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A World Without Bees

A World Without Bees

Can you imagine that one day you enter your local grocery store and only empty shelves without any food await you there? Baskets where you usually choose between apples, pears, zucchini, tomatoes… all empty. We presented this “one day” to customers in Slovenia, for them to see how it would be like. In a world without bees, you probably would not find your favourite fruit and vegetables. Bees are responsible for pollinating as much as 70% of our food. Despite being dependent on them, we are still endangering them and reducing their population. If we continue like this, there will be no more food on store shelves anytime soon. A world without bees will also become a world without us!

An initiative, in cooperation with the advertising agency New Moment, the Slovenian Beekeepers’ Association and the domestic supermarket chain Tuš from the city of Celje was launched in Slovenia. Customers in one of the Tuš stores were able to see what life would be like without bees. On the last World Bee Day, May 20, products that depend on bee pollination were removed from the shelves at the local supermarket. Customers were surprised and shocked, and most importantly were made aware of the extent to which their lives depend on bees. 

A number of empty shelves awaited them, along with an explanation that the products are not available because they depend on pollination and would probably not exist in the world without bees. This initiative has a successful follow-up in 2021 – local beekeeping clubs received similar panels to be delivered to their local food stores and exhibited on the fruit & veggie shelves, reminding customers of the importance of pollinators.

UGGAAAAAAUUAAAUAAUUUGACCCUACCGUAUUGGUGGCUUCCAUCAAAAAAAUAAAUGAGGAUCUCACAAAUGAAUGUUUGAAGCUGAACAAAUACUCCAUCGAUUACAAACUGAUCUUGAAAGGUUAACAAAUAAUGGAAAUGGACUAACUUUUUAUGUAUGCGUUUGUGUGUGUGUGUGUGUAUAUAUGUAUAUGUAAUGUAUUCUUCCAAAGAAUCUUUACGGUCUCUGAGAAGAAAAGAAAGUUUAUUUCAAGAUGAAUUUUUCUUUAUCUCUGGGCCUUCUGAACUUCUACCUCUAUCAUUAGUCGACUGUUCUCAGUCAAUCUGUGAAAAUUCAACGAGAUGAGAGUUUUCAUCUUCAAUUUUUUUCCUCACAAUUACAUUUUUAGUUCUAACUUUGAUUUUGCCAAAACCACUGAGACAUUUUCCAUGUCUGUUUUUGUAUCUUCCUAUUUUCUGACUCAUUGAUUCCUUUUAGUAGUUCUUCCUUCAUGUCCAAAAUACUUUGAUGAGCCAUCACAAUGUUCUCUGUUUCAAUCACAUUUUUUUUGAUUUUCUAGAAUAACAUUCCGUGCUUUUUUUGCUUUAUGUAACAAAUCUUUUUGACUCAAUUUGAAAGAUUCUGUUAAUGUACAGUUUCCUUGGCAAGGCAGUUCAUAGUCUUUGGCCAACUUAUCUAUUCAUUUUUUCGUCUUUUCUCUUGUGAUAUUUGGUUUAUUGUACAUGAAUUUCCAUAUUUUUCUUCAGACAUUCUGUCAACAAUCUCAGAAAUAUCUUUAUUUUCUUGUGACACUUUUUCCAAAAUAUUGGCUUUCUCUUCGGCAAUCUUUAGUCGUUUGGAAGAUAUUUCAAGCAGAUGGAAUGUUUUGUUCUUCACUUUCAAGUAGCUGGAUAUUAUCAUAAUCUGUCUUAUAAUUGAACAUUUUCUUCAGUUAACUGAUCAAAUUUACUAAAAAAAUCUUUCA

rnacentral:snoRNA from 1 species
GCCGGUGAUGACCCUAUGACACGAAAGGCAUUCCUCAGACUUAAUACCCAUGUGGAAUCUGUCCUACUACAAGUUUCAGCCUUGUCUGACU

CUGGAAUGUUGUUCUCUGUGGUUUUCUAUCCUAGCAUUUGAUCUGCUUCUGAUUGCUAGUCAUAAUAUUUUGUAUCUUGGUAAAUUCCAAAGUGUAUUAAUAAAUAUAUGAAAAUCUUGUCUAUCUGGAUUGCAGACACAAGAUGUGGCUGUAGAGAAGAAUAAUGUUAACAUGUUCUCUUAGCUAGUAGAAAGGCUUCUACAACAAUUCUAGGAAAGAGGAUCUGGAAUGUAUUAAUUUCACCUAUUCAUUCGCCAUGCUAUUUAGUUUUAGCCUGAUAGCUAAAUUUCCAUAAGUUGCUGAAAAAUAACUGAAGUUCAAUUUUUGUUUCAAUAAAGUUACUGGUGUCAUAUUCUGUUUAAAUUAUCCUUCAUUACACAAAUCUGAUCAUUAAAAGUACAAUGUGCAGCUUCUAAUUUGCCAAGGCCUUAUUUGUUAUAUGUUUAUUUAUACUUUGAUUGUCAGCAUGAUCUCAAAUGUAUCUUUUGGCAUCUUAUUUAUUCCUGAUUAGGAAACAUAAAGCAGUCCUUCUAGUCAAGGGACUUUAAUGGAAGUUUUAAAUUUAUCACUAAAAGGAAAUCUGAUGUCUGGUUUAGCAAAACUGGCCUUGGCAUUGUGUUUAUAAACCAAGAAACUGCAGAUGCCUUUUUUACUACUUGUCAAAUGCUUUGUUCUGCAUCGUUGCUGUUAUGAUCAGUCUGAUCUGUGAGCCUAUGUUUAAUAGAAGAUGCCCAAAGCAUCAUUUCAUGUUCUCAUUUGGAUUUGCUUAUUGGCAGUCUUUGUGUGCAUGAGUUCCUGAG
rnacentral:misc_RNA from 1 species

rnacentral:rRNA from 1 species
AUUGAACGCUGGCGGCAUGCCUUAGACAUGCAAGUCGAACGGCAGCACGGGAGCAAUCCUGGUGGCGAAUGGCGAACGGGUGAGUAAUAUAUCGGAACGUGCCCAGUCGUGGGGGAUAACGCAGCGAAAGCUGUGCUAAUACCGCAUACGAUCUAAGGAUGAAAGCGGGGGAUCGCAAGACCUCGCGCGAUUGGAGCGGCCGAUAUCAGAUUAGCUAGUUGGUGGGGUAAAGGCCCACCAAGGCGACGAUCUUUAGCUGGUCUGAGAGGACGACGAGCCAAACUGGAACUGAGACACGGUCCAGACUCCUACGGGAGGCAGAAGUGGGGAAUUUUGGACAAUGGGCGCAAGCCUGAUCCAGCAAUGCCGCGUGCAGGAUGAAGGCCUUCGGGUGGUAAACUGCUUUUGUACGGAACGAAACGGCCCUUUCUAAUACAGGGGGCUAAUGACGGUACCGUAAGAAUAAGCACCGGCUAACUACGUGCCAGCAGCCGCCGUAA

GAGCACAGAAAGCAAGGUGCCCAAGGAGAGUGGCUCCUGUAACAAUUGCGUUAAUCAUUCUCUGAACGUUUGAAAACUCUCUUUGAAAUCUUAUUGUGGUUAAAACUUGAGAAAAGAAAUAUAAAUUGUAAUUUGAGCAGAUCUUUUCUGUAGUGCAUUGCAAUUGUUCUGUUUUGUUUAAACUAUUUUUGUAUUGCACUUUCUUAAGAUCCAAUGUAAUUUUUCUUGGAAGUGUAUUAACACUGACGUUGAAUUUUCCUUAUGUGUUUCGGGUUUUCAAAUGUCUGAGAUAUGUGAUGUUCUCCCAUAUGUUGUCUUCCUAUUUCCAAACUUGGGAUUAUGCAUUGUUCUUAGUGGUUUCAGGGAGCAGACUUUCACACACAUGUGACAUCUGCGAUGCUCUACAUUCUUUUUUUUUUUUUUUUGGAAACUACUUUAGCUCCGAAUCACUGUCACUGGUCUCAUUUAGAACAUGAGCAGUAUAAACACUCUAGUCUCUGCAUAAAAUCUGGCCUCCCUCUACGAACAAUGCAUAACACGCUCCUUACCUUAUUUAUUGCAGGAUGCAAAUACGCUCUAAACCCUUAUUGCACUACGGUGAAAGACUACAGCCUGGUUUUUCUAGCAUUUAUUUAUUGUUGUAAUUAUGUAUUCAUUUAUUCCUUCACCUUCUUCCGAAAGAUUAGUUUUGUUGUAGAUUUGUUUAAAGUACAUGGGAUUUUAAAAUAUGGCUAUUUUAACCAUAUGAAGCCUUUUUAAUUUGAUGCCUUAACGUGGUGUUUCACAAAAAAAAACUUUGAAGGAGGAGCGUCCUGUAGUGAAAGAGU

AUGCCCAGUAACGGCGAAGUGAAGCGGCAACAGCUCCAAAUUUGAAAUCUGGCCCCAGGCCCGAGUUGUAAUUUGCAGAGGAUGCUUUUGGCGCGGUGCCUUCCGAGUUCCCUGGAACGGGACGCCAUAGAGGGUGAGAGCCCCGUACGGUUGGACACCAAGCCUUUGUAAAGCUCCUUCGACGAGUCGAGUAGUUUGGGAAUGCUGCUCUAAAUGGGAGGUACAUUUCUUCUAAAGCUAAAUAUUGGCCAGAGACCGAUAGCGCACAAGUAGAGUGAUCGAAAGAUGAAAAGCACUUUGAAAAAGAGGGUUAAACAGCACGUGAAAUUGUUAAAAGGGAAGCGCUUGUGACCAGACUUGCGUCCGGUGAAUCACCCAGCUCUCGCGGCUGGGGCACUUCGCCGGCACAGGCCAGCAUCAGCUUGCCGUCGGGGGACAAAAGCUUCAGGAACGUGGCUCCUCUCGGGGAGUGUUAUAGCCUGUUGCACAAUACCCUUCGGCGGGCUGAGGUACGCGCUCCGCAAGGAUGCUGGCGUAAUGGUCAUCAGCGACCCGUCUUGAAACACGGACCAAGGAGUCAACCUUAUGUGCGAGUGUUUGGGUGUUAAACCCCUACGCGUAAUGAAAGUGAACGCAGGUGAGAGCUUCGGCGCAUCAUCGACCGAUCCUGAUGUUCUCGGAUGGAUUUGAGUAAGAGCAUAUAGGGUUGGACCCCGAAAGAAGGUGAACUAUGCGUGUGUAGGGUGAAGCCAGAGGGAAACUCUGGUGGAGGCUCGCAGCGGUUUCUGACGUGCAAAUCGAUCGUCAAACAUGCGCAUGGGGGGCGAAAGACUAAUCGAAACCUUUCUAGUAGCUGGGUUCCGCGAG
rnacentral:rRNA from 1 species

In Slovenia, we are well aware of the threat to bees. We are in favour of them, we respect them, and we strive for their survival. Upon the initiative of several Slovenian national institutions, the UN declared May 20 World Bee Day. Slovenia was also among the first in the EU to ban the use of certain pesticides, dangerous to the bees, already in 2011. 

The city of Celje has already joined the project Planting Indigenous Honey Trees and will give a tree to every newborn. Slovenia’s capital – Ljubljana – is a bee-friendly municipality as well, with a number of activities, along with a bee-trail in the city. It would be great if cities around Europe would join forces in preserving the bees and making the cities more bee-friendly in general. 

Each of us can contribute to the preservation of bees and other important pollinators. Especially if we know that our survival depends on their wellbeing. We can plant honey plants on balconies, terraces, and gardens, encourage urban and organic gardening and raise awareness of the importance of bees to younger generations. The cities should avoid using pesticides and herbicides when managing public areas. The least – and at the same time the most – each of us can do is to support local beekeepers. Instead of honey imported from a faraway place, which could be of questionable quality, let us choose domestic honey from local beekeepers and thus also support the continuous care of the bees, already living in our vicinity. 

Author: Renata Zamida, Društvo urbani čebelar

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